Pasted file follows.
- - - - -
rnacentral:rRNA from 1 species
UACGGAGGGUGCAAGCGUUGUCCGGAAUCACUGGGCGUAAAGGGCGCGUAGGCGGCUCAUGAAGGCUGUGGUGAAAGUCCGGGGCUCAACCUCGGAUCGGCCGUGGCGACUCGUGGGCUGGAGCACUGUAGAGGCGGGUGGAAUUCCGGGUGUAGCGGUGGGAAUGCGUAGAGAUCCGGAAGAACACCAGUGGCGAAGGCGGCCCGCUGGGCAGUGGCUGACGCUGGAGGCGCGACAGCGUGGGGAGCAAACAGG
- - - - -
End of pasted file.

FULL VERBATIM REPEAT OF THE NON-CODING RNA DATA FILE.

rnacentral:rRNA from 1 species
UACGGAGGGUGCAAGCGUUGUCCGGAAUCACUGGGCGUAAAGGGCGCGUAGGCGGCUCAUGAAGGCUGUGGUGAAAGUCCGGGGCUCAACCUCGGAUCGGCCGUGGCGACUCGUGGGCUGGAGCACUGUAGAGGCGGGUGGAAUUCCGGGUGUAGCGGUGGGAAUGCGUAGAGAUCCGGAAGAACACCAGUGGCGAAGGCGGCCCGCUGGGCAGUGGCUGACGCUGGAGGCGCGACAGCGUGGGGAGCAAACAGG